Another round of stimulus checks are already on their way. That's great news for many. Unfortunately, the bad news is that another round of stimulus check scams are underway, too. Protect yourself by learning all about these scams.How the scam plays out
Stimulus check scams can be ordinary phishing scams, which is when a criminal asks a victim to provide personal information. They then go on to empty the victim's account.
In another variety of the scam, a victim receives an email instructing them to download an embedded link to get their check.
In yet another stimulus check scam, a criminal will impersonate an IRS official demanding a processing fee for the check.
Technology has made it way too easy for scammers. But, if you know what to look for, you can beat them at their game and stop a scam before it gets past step one.
Another phone call, another scam.
It can sometimes feel like scammers have some kind of competition going to see who can hit you with the most robocalls in a day. In fact, according to Truecaller, scams and robocalls account for 67% of all phone calls in the U.S. Each American will receive an average of 28 of these calls a month. More than just an annoyance, scam calls cost 56 million Americans a financial loss in 2020.
One of the most common scams pulled off over the phone is the auto warranty scam. Here's all you need to know about this scam and how to protect yourself from falling victim:
How the scam plays out
In this ruse, scammers posing as representatives of a car dealer or manufacturer will call to tell you that your auto warranty is about to expire. The scammer will then segue into a pitch for renewing your warranty. During the call, you may be prompted to press a number to stay on the line, and then are asked to provide personal information to continue the process of renewing your warranty. If you follow instructions, you will be playing right into a scam.
How to spot a scam
It is possible for legitimate auto warranty companies to call you about purchasing or renewing a warranty. Look out for these red flags to help you pick out the authentic calls from the scams:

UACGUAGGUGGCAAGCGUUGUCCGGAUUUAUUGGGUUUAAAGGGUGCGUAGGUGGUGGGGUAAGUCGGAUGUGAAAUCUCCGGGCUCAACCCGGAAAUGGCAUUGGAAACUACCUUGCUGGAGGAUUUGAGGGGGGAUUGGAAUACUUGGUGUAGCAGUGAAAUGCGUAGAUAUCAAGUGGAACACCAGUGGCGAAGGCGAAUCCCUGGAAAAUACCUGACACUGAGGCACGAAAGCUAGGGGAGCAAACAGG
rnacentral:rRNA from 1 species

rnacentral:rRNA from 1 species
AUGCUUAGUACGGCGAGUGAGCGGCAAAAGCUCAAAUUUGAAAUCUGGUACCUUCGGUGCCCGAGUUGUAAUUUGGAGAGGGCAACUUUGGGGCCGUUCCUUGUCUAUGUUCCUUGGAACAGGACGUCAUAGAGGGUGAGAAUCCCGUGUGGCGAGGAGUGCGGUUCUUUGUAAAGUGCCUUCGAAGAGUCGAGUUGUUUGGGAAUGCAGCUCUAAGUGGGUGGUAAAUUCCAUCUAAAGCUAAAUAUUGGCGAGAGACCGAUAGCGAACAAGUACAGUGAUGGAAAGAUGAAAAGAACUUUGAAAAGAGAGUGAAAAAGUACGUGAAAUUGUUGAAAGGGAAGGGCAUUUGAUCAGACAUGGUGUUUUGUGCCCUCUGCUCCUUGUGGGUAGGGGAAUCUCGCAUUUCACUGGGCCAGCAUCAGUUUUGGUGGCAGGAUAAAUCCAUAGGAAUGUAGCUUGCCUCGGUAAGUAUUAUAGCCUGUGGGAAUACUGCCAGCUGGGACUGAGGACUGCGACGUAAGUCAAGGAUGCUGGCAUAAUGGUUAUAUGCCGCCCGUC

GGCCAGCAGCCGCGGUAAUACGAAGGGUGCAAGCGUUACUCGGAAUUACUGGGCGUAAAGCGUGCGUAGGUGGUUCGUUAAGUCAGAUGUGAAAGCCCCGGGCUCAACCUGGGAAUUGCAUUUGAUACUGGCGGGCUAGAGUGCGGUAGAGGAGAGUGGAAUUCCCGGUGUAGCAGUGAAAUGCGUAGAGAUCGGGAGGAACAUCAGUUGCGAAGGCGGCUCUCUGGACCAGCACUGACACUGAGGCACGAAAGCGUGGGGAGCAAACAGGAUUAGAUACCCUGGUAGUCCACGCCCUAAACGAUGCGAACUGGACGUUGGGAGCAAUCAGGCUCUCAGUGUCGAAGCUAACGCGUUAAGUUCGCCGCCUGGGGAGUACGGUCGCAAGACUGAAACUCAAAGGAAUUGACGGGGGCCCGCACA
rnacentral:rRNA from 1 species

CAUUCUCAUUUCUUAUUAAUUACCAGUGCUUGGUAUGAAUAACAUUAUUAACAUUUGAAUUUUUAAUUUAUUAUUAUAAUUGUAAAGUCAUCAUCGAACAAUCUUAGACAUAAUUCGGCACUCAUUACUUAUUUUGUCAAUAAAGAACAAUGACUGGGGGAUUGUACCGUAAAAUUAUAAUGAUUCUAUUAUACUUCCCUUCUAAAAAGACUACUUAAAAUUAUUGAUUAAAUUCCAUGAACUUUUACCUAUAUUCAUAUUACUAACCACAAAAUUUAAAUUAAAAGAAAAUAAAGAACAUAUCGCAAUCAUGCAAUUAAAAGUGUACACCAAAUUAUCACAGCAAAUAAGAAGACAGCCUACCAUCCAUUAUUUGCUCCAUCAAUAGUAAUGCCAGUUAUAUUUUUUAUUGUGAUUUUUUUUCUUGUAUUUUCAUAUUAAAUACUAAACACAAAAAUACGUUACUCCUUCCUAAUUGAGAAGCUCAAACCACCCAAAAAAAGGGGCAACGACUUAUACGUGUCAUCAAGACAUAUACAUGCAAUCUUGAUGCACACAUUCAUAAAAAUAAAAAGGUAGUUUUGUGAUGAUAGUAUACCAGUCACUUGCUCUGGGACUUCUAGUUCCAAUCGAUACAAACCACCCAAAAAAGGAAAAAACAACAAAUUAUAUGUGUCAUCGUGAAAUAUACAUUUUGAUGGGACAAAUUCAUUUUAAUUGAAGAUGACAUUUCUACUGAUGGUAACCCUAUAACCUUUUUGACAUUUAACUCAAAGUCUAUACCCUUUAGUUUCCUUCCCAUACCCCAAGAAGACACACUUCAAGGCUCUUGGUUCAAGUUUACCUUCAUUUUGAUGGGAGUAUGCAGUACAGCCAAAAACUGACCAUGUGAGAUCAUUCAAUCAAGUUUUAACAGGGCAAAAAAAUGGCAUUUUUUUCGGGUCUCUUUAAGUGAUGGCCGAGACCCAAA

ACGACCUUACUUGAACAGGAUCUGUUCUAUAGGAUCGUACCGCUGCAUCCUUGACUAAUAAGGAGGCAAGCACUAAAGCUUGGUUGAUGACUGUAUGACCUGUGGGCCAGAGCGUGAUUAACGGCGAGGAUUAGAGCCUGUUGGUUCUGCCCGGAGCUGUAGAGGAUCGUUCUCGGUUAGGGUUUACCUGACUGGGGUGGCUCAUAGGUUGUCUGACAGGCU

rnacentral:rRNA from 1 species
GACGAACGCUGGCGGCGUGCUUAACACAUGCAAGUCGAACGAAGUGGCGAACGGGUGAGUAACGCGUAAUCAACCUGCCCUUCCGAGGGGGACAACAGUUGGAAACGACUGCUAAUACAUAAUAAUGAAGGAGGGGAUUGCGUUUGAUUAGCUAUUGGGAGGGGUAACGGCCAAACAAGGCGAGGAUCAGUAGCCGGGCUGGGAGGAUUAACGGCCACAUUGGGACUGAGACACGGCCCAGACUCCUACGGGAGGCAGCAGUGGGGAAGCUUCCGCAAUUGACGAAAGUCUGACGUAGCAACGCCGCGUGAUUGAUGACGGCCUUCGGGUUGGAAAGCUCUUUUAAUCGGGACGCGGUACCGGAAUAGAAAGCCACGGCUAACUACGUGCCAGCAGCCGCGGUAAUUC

Follow these tips to keep yourself safe from auto warranty scams and similar ruses:
Alert the authorities
If you are targeted by a suspected scammer, you can alert the Federal Communications Commission (FCC) at the FCC Complaint Center. These calls likely violate telemarketing and robocall regulations, and by alerting the FCC, you can help them identify the scammers.
If the call you received involved fraud, you can also file a complaint with the Federal Trade Commission at ftc.gov.
Robocalls are incredibly annoying, but getting scammed is more than just an irritating experience. Follow our tips to protect yourself from auto warranty scams and similar ruses.
You probably already know how important your credit score is to lenders. When you apply for credit, your credit score helps lenders determine whether or not you are able to repay the loan based on your past financial performance. With a higher score, you qualify for better interest rates, lower payments, higher credit limits, and more types of credit than you would with a lower score.
Did you also know that your credit score can make it easier to rent an apartment, qualify for a good cell phone plan, and pay less for insurance? A higher score can save you hundreds, if not thousands, of dollars every year, which can add up to significant savings.
Not only can it hurt you financially, but many employers now check a potential employee's credit as part of the hiring decision. A low credit score could cost you a chance at your dream job.
There are no tricks or quick fixes to getting a good score. However, you can raise your score over time by demonstrating that you consistently manage your credit responsibly. Here are 10 things you can do to improve your credit score: